Light bulb for shed

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My son reported seeing this on a YouTube video, so I can't vouch for its accuracy.
While bemoaning the lack of light in various African hovels and tar-paper shacks, some residents came up with a novel approach. They cut a hole in the substance laughingly called a roof and inserted a filled, plastic water bottle!
According to my son (who may have been drunk), the result was illumination roughly equivalent to a 40-watt bulb! And, I guess, you could have more than one.
Admittedly not much brightness, but more than a 3" skylight and, of course, it doesn't work at night.
Unless you have a flashlight serving as a replacement for the sun...
Anyway, I thought, if it works, the water-bottle concept is a clever one - a concept that might be an interesting experiment.
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wrote:

I can see it working. The water would transmit the light from the exposed surface.
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It was on 60 minutes. Indeed it does work:) but cant work in freezing climates:( the water in the bottle would freeze.
I have seen light tubes at Lowes. They are a pricey version of the water bottle...
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wrote:

in a freezeable environment just add sugar or salt to lower the freeze point. - or hooch
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On 5/12/2013 8:12 AM, HeyBub wrote:

Is the illumination equivalent to a 40 watt LED or a 40 watt incandescent?
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On 5/12/2013 9:04 AM, Joe wrote:

Someone always has to piss on the parade. :)
The hole in the roof would be my concern.
John
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Would that be a LED hole or incandescant hole? . Christopher A. Young Learn more about Jesus www.lds.org . .

incandescent?
Someone always has to piss on the parade. :)
The hole in the roof would be my concern.
John
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Was it a LED bottle or incandescent hole
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On Sun, 12 May 2013 10:48:12 -0400, "Stormin Mormon"

How about an Acrylic Sun Spreader Hole????
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Would you need a roofing permit or a plumbing permit...or both?
And how would the HOA react?
On 5/12/2013 10:48 AM, Stormin Mormon wrote:

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Environmental impact statement. . Christopher A. Young Learn more about Jesus www.lds.org . .
Would you need a roofing permit or a plumbing permit...or both?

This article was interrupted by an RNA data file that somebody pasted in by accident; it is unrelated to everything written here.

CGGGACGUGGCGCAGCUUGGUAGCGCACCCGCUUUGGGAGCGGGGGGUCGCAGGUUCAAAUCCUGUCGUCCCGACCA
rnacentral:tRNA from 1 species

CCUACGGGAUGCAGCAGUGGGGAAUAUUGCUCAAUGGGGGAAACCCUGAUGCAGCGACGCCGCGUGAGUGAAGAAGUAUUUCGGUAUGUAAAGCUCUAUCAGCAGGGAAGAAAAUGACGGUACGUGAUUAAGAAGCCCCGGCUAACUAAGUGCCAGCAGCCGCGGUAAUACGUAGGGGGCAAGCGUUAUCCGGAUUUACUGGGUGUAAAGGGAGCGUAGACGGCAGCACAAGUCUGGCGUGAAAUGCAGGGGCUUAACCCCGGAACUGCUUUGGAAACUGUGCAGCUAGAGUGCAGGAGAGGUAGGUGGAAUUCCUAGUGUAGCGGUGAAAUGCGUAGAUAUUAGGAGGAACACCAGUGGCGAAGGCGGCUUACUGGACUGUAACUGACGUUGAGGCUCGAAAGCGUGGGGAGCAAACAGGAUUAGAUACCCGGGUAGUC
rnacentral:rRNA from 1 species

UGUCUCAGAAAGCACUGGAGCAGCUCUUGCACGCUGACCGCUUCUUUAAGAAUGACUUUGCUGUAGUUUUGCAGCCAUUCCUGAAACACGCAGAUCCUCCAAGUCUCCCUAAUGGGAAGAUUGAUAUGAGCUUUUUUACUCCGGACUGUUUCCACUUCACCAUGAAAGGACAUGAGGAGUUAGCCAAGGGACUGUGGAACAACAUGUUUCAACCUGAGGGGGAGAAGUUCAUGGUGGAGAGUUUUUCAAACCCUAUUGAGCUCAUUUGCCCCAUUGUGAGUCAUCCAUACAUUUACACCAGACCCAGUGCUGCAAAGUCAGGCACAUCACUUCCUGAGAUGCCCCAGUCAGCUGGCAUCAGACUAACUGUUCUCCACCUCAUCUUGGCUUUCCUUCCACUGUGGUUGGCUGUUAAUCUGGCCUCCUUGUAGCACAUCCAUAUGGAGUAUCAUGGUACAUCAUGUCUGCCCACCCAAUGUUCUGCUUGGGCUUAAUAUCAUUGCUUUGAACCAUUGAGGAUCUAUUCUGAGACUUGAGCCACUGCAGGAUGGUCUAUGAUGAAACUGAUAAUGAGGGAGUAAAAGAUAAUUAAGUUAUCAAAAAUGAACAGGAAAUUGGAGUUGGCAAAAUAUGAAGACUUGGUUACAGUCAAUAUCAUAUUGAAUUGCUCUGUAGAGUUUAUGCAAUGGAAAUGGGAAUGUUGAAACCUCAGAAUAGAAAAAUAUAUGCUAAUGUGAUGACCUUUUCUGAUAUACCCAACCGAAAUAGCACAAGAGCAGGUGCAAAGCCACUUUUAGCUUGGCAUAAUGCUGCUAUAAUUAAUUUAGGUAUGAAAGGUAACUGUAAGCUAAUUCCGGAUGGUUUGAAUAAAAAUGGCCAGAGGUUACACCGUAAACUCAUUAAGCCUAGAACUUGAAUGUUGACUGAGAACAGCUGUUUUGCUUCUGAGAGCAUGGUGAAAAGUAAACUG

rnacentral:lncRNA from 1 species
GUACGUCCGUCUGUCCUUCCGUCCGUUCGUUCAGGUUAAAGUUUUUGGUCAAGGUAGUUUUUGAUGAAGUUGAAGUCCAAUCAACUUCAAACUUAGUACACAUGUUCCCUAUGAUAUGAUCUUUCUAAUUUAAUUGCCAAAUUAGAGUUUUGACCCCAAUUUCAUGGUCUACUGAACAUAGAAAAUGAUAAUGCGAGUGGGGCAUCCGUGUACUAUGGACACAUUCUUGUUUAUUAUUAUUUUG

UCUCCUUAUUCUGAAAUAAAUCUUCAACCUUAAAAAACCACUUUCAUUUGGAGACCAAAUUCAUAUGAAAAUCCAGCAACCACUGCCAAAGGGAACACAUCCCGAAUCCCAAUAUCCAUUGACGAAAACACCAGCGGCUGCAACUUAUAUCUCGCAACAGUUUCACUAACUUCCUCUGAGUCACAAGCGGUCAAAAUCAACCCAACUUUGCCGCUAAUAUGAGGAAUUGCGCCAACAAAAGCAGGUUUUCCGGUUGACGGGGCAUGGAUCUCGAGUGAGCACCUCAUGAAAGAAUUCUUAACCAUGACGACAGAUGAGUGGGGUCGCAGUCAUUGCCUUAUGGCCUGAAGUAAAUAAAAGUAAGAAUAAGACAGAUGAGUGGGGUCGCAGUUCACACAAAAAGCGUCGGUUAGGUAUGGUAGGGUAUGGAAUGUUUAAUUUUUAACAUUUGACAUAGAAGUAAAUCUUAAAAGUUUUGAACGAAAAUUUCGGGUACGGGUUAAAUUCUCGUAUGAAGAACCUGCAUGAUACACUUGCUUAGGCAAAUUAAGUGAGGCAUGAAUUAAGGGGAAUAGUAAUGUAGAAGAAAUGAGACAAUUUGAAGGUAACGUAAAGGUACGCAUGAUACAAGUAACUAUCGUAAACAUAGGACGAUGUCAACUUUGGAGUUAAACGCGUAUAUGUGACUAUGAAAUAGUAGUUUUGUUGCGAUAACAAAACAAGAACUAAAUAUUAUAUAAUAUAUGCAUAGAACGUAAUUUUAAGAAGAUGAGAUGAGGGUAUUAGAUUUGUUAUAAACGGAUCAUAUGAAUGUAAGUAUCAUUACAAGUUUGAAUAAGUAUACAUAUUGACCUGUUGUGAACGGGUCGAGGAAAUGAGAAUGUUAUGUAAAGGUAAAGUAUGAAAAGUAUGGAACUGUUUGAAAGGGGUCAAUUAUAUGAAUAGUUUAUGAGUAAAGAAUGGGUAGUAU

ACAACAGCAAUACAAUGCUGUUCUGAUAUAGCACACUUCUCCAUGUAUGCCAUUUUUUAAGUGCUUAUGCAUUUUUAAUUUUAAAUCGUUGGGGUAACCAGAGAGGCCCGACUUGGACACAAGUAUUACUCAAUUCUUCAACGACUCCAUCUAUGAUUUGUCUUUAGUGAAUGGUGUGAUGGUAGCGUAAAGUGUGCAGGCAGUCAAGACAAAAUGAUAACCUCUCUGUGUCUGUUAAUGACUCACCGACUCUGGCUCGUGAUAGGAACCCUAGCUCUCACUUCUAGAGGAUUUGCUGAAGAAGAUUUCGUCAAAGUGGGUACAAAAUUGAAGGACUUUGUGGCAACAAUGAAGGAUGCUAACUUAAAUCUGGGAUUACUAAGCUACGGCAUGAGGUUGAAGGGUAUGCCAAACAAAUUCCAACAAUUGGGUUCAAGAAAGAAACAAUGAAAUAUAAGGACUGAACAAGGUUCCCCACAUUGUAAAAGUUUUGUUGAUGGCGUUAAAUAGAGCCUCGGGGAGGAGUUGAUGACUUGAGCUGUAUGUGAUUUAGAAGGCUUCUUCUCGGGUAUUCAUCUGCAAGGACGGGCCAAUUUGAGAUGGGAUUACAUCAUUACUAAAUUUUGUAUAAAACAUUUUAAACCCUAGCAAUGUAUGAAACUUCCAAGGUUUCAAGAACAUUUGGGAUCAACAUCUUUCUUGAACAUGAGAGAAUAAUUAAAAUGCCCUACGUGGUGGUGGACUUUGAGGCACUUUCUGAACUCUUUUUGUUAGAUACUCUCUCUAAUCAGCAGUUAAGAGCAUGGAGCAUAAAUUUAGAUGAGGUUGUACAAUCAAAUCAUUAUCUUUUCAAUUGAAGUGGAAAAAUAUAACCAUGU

And how would the HOA react?
On 5/12/2013 10:48 AM, Stormin Mormon wrote:

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The hole is easily sealed - and is GENERALLY cut undersised and flared up with a hammer to be a snug fit to the bottle. You need to remember also that many of these roofs are not particularly water-tight to start with - often made of used/recycled steel or aluminum, os a rough facsimile of same. A small beed of caulking or pitch seals the joints
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approx 40 watt 240 volt incandescent bulb - which is less than a 12 volt 40 watt incandescent 04 a 40 watt halogen - or a 40 watt LED.
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wrote:

http://www.instructables.com/id/How-to-build-a-SOLAR-BOTTLE-BULB/
As Paul Harvey said, "Now you know the rest of the story."
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There's a long tradition of such things. The idea was used on ships to bring light to below-deck areas from outside via glass prisms. See:
http://en.wikipedia.org/wiki/File:Group_of_Deck_Prisms.jpg You can still buy such prisms.
Tomsic
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wrote:

It is true. They are used quite extensively in the Philipines and indo-china, and is becoming more common in Africa as well
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wrote:

And just how long do you think that NON-UV protected plastic is going to last?
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wrote:

Probably longer than the rest of the roof. Do you honestly think that is a problem?
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How long does a lightbulb last? What do you do when it burns out? What does a water bottle cost compared to a light bulb? and how long does a water bottle last laying in the ditch?
In other words, it is a total non-issue.
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Well, plastic of that variety I have had sitting outside for a couple months turns quite brittle. So yes, I would expect it to be a problem.
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